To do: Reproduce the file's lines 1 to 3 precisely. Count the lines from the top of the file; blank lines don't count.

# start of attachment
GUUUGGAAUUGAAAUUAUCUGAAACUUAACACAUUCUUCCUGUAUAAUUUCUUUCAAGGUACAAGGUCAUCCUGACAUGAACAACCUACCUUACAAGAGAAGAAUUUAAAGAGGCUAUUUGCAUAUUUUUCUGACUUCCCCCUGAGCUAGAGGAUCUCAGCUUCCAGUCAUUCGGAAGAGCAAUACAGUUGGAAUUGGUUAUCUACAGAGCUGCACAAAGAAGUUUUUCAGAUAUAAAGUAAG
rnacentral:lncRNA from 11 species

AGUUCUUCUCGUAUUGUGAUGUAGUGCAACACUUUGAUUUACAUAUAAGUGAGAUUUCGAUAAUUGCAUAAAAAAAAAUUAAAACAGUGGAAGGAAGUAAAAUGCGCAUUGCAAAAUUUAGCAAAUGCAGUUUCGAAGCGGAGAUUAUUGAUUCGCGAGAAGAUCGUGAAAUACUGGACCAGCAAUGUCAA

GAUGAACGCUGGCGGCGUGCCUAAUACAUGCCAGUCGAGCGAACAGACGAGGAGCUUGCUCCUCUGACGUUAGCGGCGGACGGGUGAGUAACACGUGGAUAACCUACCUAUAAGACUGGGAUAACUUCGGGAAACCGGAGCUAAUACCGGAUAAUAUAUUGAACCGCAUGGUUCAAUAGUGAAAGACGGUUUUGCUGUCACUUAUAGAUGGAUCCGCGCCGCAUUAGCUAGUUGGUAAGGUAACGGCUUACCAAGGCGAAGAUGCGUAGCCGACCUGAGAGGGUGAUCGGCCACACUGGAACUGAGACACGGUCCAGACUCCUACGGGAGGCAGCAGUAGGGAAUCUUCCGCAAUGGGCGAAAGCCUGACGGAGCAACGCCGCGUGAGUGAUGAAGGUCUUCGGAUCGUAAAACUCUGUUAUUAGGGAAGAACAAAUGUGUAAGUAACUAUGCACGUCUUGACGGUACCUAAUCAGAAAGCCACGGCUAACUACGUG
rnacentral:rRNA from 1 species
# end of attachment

GUUUGGAAUUGAAAUUAUCUGAAACUUAACACAUUCUUCCUGUAUAAUUUCUUUCAAGGUACAAGGUCAUCCUGACAUGAACAACCUACCUUACAAGAGAAGAAUUUAAAGAGGCUAUUUGCAUAUUUUUCUGACUUCCCCCUGAGCUAGAGGAUCUCAGCUUCCAGUCAUUCGGAAGAGCAAUACAGUUGGAAUUGGUUAUCUACAGAGCUGCACAAAGAAGUUUUUCAGAUAUAAAGUAAG
rnacentral:lncRNA from 11 species

AGUUCUUCUCGUAUUGUGAUGUAGUGCAACACUUUGAUUUACAUAUAAGUGAGAUUUCGAUAAUUGCAUAAAAAAAAAUUAAAACAGUGGAAGGAAGUAAAAUGCGCAUUGCAAAAUUUAGCAAAUGCAGUUUCGAAGCGGAGAUUAUUGAUUCGCGAGAAGAUCGUGAAAUACUGGACCAGCAAUGUCAA